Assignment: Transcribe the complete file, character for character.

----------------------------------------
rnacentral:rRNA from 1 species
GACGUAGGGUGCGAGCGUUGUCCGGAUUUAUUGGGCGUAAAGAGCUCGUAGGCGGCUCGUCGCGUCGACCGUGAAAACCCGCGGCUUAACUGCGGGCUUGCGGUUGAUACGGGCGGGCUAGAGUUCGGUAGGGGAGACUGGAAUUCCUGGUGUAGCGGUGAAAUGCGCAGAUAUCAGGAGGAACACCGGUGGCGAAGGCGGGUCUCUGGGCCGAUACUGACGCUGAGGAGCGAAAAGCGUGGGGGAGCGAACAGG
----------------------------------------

rnacentral:rRNA from 1 species
GACGUAGGGUGCGAGCGUUGUCCGGAUUUAUUGGGCGUAAAGAGCUCGUAGGCGGCUCGUCGCGUCGACCGUGAAAACCCGCGGCUUAACUGCGGGCUUGCGGUUGAUACGGGCGGGCUAGAGUUCGGUAGGGGAGACUGGAAUUCCUGGUGUAGCGGUGAAAUGCGCAGAUAUCAGGAGGAACACCGGUGGCGAAGGCGGGUCUCUGGGCCGAUACUGACGCUGAGGAGCGAAAAGCGUGGGGGAGCGAACAGG